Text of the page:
The dimension relating to ‘Information collection and analysis’ specifically focuses on the skills of gathering, analysing and interpreting data. This has direct relevance to the tasks a nurse may be undertaking when helping to support a research study. Indicators defined for the various levels all link closely with good practice in the collection and management of data, whether for the purpose of routine service or for research.
However, these two dimensions do not cover the important and highly responsible role that nurses may play in recruiting patients to studies, and in delivering the study intervention according to a protocol. (Protocols involving clinical care will usually be developed with reference to current evidence and national guidelines and thus reflect best practice as it is currently understood). These activities relate to the important NHSKSF dimensions of ‘quality’ and of ‘interventions and treatments’ in support of health and wellbeing. Examples of the relevant indicators within these dimensions are shown in Table 1.
It was not appropriate to use the exact wording from the indicators in the NHS KSF within the certificate, because these were not sufficiently tailored to the research process and their use was unlikely to make sense in this context to either researchers or nurses. Instead we have used headings within the certificate to flag up the sections of the NHS KSF to which the listed activities are most likely to apply. This may help to legitimise research activity and to position research as a highly regulated activity closely supportive to the clinical governance agenda.
The certificate should enhance awareness of the opportunity to develop skills and experience in R&D while also highlighting how research activities link to the provision of high-quality care. It should also help to show that R&D skills are acknowledged and valued. The clarity of any career progression in R&D is not as clear in the final version of the NHS KSF as in the working draft. However, it is possible to see how a nurse might progress towards greater levels of competence in R&Dactivities. The nurse might, for example, begin by collecting data (level 1), and progress to delivering the intervention to the patient (level 2). Subsequently, the nurse might work with a research project team to identify the best way to incorporate clinical guidelines, that apply to a specific research area in practice (level 3). Particularly in this latter case the nurse would be working with the research team to apply and develop best practice.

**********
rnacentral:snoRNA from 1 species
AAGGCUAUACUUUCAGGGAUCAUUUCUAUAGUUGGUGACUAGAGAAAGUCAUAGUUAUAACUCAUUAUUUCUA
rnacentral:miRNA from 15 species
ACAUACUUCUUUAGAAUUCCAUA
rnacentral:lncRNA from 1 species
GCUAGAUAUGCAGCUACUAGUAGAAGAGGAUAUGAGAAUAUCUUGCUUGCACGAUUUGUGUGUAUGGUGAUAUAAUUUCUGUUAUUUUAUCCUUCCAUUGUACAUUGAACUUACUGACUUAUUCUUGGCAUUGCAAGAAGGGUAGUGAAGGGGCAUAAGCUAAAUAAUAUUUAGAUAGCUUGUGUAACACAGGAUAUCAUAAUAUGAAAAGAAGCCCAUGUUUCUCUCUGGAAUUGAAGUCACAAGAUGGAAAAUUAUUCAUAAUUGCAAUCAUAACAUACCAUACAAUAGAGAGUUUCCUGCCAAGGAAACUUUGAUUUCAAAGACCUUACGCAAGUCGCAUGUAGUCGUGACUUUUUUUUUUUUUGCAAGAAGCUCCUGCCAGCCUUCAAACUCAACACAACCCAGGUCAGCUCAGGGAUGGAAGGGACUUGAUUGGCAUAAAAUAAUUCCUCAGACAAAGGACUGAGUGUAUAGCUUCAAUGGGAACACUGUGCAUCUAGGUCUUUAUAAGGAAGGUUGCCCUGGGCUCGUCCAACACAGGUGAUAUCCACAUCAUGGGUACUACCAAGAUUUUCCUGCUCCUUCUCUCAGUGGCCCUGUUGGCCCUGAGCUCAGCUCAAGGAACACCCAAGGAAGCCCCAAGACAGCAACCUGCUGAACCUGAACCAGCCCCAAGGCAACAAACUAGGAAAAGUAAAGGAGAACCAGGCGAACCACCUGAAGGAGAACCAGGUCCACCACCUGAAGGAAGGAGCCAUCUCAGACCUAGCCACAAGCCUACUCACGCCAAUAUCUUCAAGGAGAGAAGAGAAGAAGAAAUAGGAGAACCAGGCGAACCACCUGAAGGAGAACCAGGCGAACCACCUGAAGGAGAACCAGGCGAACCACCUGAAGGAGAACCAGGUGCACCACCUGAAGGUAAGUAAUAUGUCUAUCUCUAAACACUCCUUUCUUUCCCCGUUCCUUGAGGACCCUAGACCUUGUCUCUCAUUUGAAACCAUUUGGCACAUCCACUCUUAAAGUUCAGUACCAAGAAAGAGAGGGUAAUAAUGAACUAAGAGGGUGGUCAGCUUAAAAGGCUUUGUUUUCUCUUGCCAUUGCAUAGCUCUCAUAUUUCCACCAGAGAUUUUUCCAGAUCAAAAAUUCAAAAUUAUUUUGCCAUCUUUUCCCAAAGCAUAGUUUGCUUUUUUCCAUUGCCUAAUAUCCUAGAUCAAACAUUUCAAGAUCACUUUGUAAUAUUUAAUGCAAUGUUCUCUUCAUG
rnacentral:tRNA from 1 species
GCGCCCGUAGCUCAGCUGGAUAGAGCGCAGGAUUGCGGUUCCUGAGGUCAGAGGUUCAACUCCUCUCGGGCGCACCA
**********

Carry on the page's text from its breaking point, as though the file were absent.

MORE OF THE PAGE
This article has concentrated on the role of nurses and the development of a certificate in support of externally funded research studies. It is increasingly the case that nurses are taking responsibility for initiating and leading research studies and there is concern to support these committed researchers and the academic departments with whom they relate.[9,10] Appropriately acknowledged engagement in the projects of experienced researchers may help nurses to gain valuable research skills at an early stage in their career. Some of these nurses may progress to taking a leading role in research projects. Use of the certificate, and awareness of the principles on which it is based may help them to use the KSF constructively to track and promote their increasing seniority and responsibility. This is consistent with current initiatives and policy recommendations to develop career paths for nurses that include an acknowledged research component.[9,12]
Although our first task is to promote and evaluate the use of the fairly simple certificate suggested, a subsequent task may be to consider how pathways into higher levels of competence in research might be reflected in the certificate and, where appropriate, supported by local training linked to the provision of quality health care. This might provide a means to make pathways into research from a service role more visible and acceptable.
As researchers in close touch with service providers, we have been able to develop the certificate and explain its derivation and intended used. However, we would welcome further discussion from within the primary care community about how this approach might be usefully developed and applied both as a tool to support professional development of nurses and as a tool to support the link between research and the provision of quality care.
.................. XXXXX Project Research Team ..................
would like to acknowledge the help of:
.................. Name of individual .................. from .................. Name of practice/community team .................. in the research project
.................. Project title, Year ..................
The study aimed to: .................. impact on NHS/patient care ..................
Contribution to study
Your own reflection on your contribution